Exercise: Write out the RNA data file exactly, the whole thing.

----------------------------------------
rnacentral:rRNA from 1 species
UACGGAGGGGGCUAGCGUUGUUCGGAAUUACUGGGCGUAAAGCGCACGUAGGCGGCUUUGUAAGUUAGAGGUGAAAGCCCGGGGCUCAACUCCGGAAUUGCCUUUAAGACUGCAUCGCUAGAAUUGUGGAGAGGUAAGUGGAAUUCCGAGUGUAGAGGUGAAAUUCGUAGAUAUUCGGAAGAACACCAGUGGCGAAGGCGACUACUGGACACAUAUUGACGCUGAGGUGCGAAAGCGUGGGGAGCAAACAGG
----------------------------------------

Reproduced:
rnacentral:rRNA from 1 species
UACGGAGGGGGCUAGCGUUGUUCGGAAUUACUGGGCGUAAAGCGCACGUAGGCGGCUUUGUAAGUUAGAGGUGAAAGCCCGGGGCUCAACUCCGGAAUUGCCUUUAAGACUGCAUCGCUAGAAUUGUGGAGAGGUAAGUGGAAUUCCGAGUGUAGAGGUGAAAUUCGUAGAUAUUCGGAAGAACACCAGUGGCGAAGGCGACUACUGGACACAUAUUGACGCUGAGGUGCGAAAGCGUGGGGAGCAAACAGG